Actemra Seen to Improve Skin Symptoms, Treat Lung Disease in SSc Patients in Extended Trial

Janet Stewart, MSc avatar

by Janet Stewart, MSc |

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An extension of a Phase 2/3 study testing Actemra (tocilizumab) in patients with systemic sclerosis (SSc) found that skin involvement improved with 48 additional weeks of treatment. A Phase 3 trial looking to confirm these results is now underway.

Trial results, were published in the study “Safety and efficacy of subcutaneous tocilizumab in systemic sclerosis: results from the open-label period of a phase II randomised controlled trial (faSScinate)” in the journal Annals of the Rheumatic Diseases.

Actemra, marketed by Genentech, is approved by the U.S. Food and Drug Administration (FDA) for the treatment of rheumatoid arthritis, systemic juvenile idiopathic arthritis, polyarticular juvenile idiopathic arthritis, and giant cell arteritis.

The faSScinate trial (NCT01532869) included 87 SSc patients and conducted in two parts. During its 48-week, initial double-blind period, 44 patients received placebo  and 43 patients were given weekly injections of tocilizumab at 162 mg.

During the open-label period that followed, both groups received the treatment. A total of 51 patients completed week 96: 24 (54.5%) from the original placebo group and 27 patients (62.8%) from the treatment group were given Actemra for a second period of 48 weeks.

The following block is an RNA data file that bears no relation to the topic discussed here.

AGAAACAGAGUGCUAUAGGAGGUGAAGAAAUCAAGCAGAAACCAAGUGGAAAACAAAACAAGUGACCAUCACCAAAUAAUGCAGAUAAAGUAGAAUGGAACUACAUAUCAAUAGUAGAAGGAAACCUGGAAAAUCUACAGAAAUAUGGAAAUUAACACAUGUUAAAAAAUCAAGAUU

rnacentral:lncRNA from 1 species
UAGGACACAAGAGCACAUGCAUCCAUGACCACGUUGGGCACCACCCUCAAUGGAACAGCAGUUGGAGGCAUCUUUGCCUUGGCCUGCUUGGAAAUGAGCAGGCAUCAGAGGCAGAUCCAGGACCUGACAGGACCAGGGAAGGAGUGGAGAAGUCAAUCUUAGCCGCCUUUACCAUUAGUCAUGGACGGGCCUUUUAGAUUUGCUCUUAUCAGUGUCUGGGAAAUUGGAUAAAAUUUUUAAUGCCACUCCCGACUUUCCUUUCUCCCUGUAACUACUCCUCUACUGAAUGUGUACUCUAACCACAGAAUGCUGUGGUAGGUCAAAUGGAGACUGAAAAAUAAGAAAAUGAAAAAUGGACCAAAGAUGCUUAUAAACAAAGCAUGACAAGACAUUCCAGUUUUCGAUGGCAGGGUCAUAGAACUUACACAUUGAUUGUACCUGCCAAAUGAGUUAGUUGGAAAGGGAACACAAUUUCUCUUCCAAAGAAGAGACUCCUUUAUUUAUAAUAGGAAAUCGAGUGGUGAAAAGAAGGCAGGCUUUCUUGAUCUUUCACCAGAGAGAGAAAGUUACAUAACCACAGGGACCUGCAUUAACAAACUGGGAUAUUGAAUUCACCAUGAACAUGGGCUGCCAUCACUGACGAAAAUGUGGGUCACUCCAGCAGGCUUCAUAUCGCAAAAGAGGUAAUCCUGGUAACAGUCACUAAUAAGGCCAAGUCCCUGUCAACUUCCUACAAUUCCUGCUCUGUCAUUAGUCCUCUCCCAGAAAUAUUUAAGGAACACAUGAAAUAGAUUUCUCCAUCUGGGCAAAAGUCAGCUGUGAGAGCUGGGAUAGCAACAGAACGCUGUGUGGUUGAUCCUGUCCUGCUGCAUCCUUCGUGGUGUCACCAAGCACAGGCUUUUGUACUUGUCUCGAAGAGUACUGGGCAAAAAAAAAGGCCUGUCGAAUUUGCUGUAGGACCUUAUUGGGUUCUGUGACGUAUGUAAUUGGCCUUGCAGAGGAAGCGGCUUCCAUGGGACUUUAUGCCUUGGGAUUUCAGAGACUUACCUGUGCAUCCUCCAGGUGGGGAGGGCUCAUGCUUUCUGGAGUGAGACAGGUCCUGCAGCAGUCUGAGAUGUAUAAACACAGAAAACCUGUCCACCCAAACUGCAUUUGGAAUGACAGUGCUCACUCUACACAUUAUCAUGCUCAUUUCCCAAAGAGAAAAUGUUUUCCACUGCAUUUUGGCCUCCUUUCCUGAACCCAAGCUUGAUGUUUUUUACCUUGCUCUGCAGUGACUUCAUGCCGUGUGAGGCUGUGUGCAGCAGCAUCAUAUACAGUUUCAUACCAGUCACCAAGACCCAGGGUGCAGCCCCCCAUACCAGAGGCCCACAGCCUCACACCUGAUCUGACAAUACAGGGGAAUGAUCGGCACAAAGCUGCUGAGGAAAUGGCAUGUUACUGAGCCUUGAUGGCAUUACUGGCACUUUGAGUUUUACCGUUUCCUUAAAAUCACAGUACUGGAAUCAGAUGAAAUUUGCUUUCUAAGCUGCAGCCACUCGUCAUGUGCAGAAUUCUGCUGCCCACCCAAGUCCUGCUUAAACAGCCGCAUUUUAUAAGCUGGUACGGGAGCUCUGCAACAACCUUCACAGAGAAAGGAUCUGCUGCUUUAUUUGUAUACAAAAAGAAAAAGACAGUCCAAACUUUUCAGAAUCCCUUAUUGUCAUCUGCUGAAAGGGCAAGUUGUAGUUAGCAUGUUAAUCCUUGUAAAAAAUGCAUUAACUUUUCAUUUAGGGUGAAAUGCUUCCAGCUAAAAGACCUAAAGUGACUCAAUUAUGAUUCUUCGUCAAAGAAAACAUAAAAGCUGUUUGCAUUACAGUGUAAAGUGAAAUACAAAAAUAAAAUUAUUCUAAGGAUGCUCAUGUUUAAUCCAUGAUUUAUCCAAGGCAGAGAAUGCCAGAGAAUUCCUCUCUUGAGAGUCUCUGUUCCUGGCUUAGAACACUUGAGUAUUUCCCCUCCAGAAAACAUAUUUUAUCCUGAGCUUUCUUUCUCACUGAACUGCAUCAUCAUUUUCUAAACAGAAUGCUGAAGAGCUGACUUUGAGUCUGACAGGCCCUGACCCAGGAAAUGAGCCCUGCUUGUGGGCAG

The primary endpoint was improvement in the modified Rodnan Skin Score (mRSS), a measure of skin disease in SSc.

Changes in forced vital capacity (FVC) — the amount of air that can be forcibly exhaled from the lungs after taking the deepest breath possible — was also assessed to find if Actemra worked to arrest progression of lung involvement in SSc. FVC is used to help determine both the presence and severity of lung diseases.

Results showed that the mRSS dropped by an average of 9.4 points at week 96 in patients who switched from placebo to Actemra, and by an average of 9.1 points among those on continuous Actemra treatment in both studies.

“Patients originally assigned to receive placebo in the double-blind period who transitioned to open-label tocilizumab at week 48 experienced improvements in mRSS by week 96 that were similar to those of patients who received tocilizumab throughout the study,” the researchers wrote.

No patient had more than a 10% decline in FVC.

Infections were the most frequently reported and serious side effect seen. An increased rate of serious infections was observed after patients transitioned from placebo to treatment, but they occurred less frequently in those using Actemra over the longer term, the team reported. These side effects included infected skin ulcers, pneumonia and osteomyelitis (bone infection).

“Results from the open-label period of the faSScinate trial suggest that treatment with tocilizumab is associated with benefits for skin fibrosis, lung fibrosis and physical function in patients with SSc but increased the risk for serious infections. Tocilizumab may be a promising targeted therapy for patients with progressive SSc who have few treatment options,” the study concludes.

“Further studies are required to investigate the efficacy and safety of tocilizumab in the treatment of patients with SSc and to determine whether tocilizumab produces significant improvement in skin sclerosis and stabilisation of lung function,” researchers added.

A double-blind, Phase 3 trial (NCT02453256), called focuSSced, offering treatment for a total of 96 weeks including in an open-label extension period, is ongoing to further evaluate Actemra in some 200 SSc patients. This study is expected to conclude in February 2019.